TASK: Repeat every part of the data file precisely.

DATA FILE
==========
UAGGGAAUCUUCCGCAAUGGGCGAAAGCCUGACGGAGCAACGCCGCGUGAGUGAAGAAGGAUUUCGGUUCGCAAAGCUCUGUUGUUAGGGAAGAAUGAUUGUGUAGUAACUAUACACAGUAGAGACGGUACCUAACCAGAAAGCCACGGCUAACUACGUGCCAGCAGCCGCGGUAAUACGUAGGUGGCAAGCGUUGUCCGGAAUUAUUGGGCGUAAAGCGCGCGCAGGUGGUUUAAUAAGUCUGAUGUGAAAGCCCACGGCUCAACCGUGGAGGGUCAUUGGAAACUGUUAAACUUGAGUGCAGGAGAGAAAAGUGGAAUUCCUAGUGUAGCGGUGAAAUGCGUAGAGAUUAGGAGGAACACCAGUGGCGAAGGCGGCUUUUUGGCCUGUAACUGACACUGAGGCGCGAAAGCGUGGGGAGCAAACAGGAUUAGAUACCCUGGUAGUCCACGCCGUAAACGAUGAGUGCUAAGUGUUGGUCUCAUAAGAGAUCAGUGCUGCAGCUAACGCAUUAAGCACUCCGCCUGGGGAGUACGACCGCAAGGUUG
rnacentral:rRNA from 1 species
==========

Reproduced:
UAGGGAAUCUUCCGCAAUGGGCGAAAGCCUGACGGAGCAACGCCGCGUGAGUGAAGAAGGAUUUCGGUUCGCAAAGCUCUGUUGUUAGGGAAGAAUGAUUGUGUAGUAACUAUACACAGUAGAGACGGUACCUAACCAGAAAGCCACGGCUAACUACGUGCCAGCAGCCGCGGUAAUACGUAGGUGGCAAGCGUUGUCCGGAAUUAUUGGGCGUAAAGCGCGCGCAGGUGGUUUAAUAAGUCUGAUGUGAAAGCCCACGGCUCAACCGUGGAGGGUCAUUGGAAACUGUUAAACUUGAGUGCAGGAGAGAAAAGUGGAAUUCCUAGUGUAGCGGUGAAAUGCGUAGAGAUUAGGAGGAACACCAGUGGCGAAGGCGGCUUUUUGGCCUGUAACUGACACUGAGGCGCGAAAGCGUGGGGAGCAAACAGGAUUAGAUACCCUGGUAGUCCACGCCGUAAACGAUGAGUGCUAAGUGUUGGUCUCAUAAGAGAUCAGUGCUGCAGCUAACGCAUUAAGCACUCCGCCUGGGGAGUACGACCGCAAGGUUG
rnacentral:rRNA from 1 species